Expressing hypothesis with wish
We use wish to express a hypothetical situation. When we say I wish, we are saying that we want something which is impossible or which is highly unlikely to happen.
For hypothesis about the present and future we use I wish + past simple.

I wish I was/were twenty years younger.
I wish I had more time; I’m always so busy.
Don’t you wish you could speak a foreign language fluently?
For hypothesis about the past, we use I wish + past perfect.

I wish I hadn’t said that.
(= 'I regret that I said it.')
I wish I’d (I had) studied harder at school.
(= 'I regret that I didn’t study harder at school.')

Wish vs. hope
We use hope, not wish, for wishes about future things which seem possible or realistic.
I hope you feel better tomorrow.
I wish you feel better.

I hope you pass your driving test.

I wish you pass.

Wish . . . would, wish . . . wouldn’t
We can use wish . . . would to express our annoyance that something will not happen.

I wish the weather would improve – it’s so cold and wet.
(= 'It doesn’t look as if the weather will improve.')

You’re so slow; I wish you would hurry up.
(= 'Please hurry up!')
We use wish . . . wouldn't to give an order or make a request in a critical way.

I wish you wouldn’t make so much noise – I’m trying to watch this film.

I wish you wouldn’t wear that hat – it really doesn’t suit you.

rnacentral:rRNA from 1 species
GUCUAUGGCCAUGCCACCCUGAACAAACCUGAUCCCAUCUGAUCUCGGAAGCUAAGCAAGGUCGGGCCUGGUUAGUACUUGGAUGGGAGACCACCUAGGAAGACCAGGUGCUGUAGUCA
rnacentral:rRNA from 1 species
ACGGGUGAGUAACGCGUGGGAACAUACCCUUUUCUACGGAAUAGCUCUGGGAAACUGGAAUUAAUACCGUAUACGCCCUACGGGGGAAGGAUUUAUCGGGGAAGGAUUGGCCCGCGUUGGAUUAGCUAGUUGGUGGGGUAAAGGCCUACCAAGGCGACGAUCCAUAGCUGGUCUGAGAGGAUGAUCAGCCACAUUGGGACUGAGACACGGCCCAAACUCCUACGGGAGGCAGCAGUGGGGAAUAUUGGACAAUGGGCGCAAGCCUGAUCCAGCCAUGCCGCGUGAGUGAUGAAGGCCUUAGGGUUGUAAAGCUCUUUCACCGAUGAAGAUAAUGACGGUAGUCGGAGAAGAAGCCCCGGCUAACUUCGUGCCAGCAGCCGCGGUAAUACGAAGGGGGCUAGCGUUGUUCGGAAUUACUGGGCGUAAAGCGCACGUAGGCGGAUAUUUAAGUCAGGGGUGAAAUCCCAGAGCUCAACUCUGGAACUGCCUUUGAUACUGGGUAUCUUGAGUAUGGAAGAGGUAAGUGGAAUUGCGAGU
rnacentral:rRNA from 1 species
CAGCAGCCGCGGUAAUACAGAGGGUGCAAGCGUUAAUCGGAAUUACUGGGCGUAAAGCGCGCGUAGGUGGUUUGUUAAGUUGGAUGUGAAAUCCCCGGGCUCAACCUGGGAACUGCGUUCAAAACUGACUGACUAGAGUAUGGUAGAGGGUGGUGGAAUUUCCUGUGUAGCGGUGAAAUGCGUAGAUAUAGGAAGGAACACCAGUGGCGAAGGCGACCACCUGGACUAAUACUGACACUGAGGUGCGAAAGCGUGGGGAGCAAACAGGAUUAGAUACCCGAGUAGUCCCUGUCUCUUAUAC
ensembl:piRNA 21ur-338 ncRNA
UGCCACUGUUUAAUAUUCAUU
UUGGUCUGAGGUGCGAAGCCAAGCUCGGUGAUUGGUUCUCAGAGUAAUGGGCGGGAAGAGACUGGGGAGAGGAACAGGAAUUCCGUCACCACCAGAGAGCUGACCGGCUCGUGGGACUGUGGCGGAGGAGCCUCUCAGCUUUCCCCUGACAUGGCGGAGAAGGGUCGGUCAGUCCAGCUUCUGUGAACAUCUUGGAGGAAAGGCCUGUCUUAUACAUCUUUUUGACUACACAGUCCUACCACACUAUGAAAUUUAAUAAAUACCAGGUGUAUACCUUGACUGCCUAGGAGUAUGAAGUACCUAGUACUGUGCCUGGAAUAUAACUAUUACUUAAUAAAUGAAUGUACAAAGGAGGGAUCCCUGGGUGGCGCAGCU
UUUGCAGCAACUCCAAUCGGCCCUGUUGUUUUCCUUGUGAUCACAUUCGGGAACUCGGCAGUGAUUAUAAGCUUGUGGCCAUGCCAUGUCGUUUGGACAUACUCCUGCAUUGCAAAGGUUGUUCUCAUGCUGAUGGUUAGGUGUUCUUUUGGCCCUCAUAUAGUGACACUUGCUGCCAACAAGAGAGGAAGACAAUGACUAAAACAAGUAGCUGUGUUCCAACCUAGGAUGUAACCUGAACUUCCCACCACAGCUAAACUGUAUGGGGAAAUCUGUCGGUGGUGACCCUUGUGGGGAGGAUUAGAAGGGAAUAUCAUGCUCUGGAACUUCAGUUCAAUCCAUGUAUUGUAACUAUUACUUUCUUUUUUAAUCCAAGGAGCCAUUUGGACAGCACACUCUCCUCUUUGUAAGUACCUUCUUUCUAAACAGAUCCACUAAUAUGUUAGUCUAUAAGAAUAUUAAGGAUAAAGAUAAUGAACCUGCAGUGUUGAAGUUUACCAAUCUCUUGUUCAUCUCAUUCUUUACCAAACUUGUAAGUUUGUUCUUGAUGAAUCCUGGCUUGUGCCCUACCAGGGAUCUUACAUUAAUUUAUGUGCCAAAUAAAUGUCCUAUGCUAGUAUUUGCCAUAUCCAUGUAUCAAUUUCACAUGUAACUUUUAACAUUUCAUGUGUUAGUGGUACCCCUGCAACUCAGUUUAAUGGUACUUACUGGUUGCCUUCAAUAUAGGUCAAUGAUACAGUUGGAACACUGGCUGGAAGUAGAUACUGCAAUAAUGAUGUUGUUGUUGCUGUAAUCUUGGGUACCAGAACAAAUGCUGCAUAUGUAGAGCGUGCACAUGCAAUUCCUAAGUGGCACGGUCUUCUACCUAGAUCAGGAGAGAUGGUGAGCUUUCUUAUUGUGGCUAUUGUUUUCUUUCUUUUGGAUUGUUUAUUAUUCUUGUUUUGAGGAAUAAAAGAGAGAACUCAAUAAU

Wish + to infinitive: wish = want
We can use the construction wish + to infinitive to mean want.

Be careful – this is very formal, and in everyday language most people prefer to use want or would like.

Customers who wish to order the Christmas menu should inform us three days in advance.
[in a formal email of complaint] I wish to cancel the order immediately.
[in a formal email of complaint] I wish to complain about your company’s service.

I wish you + object
The structure wish + person + direct object is not common. It is used in just a few specific cases, such as the following:

We wish you a Merry Christmas.
He wished us good luck.
They wished us a safe journey.

Wish for, couldn't wish for
When we wish for something, it means that we hope that something we want will happen by magic or just by thinking about it.

The little girl wished for a white pony and sparkling jewellery.
Be careful what you wish for – it might just come true.
Couldn't wish for / couldn't have wished for means that something is or was the absolute best, that it couldn't be or couldn't have been better.

We couldn't have wished for better weather; it was perfect.
I couldn't wish for a better wife.

Practise this grammar:

Wish to express hypothesis in the present and past, exercise 1 >>

Wish to express hypothesis in the present and past, exercise 2 >>

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